The content creation game; its a struggle that many of us as podcasters face. We do an awesome interview; it should speak for itself right?
Well, in someways it should but you can’t just put out a piece of content and expect it to catch like wildfire.
There’s a bit more to it than that. However, it doesn’t involve crazy amounts of content either. In Jab, Jab, Jab, Right Hook, Gary Vaynerchuk outlines the idea of native content and what works well.
Understand that social platforms that you are using and how they are different from the others. It’s not that you have to create 50 pieces of unique content, but rather it’s a different way in position content for each platform.
Most Platforms Hate Links
Most social media algorithms hate links. Why is that? Well, if you click a link, then you are leaving there platform, and I can see why they would not like that That being said, you have to be creative with how you share. For me, most posts start on LinkedIn and I use that as my starting point.
I find that long form, narrative copy seems to do well. It has to tell a story and engage the reader.
I post the link at the bottom of my post but remove the link preview, so it appears to be a plain text post (The algorithm likes that), but the link is actually still clickable.
For LinkedIn, I have found that sharing episodes without images have done better, unless there is something especially engaging about a post.
For this interview I did with Mark Struczewski, the photo of him was very engaging, and thus I was able to rely on it a bit more, and the copy references that.
I point out important points in my interview with Mark, also using relevant emoji’s as they grab the eye quickly. Numbers were not crazy, but dressing this one up a bit, and also remembering to tag mark brought in 796 views of the post.
Whereas, had this post just been put up as a link, the algorithm would have crushed it, and it most likely wouldn’t have gotten more than one like.
It’s not that posting content like this is a magic bullet but its understanding how the platform works and dressing up the post so that it creates attention on the platform.
It’s also about sharing posts consistently in this way; my first posts of episodes in this fashion did not create a lot of attention, but later ones did create that attention.
Not every post will crush it like you think it should, but remember: always write emotionally grabbing long-form content, if an image is relevant use it, remove link previews so it ranks like plain text and consistently share episodes in this fashion.
The above post with AJ Mihrzad of Online Super Coach, generated 258 views in only a few hours, whereas sharing only a link would have generated very little interest. Not to mention, AJ also livestreamed our interview on Facebook, which created even more attention.
Sharing Episodes on Facebook
When sharing episodes on Facebook, I have found that images usually rank substantially better than other types of content.
However, we want people to listen to the show and thus go to our show link.
I’ve experimented with several different ways of doing this and have found both equally effective.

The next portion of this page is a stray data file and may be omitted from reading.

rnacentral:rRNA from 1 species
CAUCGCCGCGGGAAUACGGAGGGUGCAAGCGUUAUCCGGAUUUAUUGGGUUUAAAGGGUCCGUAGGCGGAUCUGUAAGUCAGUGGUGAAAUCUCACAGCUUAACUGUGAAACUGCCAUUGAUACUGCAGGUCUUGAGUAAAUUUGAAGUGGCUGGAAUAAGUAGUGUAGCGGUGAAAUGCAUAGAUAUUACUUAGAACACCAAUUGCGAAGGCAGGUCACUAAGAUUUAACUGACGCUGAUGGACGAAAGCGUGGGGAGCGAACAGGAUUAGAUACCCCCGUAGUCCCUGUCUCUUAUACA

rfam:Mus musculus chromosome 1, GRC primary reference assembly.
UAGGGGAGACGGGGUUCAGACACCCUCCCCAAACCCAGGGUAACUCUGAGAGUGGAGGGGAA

For podcast episodes, I have a template that gets changed in Photoshop for each episode with the guest’s name and photo, great from a branding stand point point as the guest is sharing out the name. Its the same photo I use on my WordPress site that would populate for a link preview so its a seamless option to use [The dimensions I use are 1400 x 900 FYI].
The first was I did this is by taking the long form post from LinkedIn and adding at the top “[NEW PODCAST | LINK IN COMMENTS],” however, this created a sharability issue.
As guests and their followers shared the post, if they or myself did not post the link in the comments it may not have generated new listens to the episode.
It only generated the “Wow! Great Job [Guest Name],” effect; that took me to a similar format to what I used on LinkedIn, only not it has an image as well. As shown above, i use the link in the long form copy, with the preview removed and the photoshopped image to replace it.
This has fixed the sharibility issue, especially since now I primarily post to my fan page and share the episodes to my personal page and Facebook group. In addition, I still place the episode link in the comments incase the “link below” at the end of the copy could mean the comments to the user.
I have found long form copy to even combat the algorithm’s need to crush links from ranking, but as a self bet, when possible, always rely on images or video to grab the initial attention.
As a side note, also tag people in the post that it may be relevant to, but if you are tagging individuals that you just want to view the post tage them in the comments. People tagged in the post get a notification every time it is shared (and may want to end your life for doing so), were as people in comments get notified only once, hopefully taking the glance you desire.
Use of Video in Episode Marketing
Video usually ranks higher than images on most social platforms, especially if it is less than 60 seconds.
However, with producing episodes 3 days a week, it can be a bit of a task to be able to grab a video for each episode.
When using this method, the clip should be something powerful, and it may help to place emotional music behind the clip, since even when great content, spoken audio is not always the most engaging
Image overly with animated wave forms on top seem to be the way to go with this; Justin Schenck, host of The Growth Now Movement uses this method on Instagram and also shares the post to Facebook.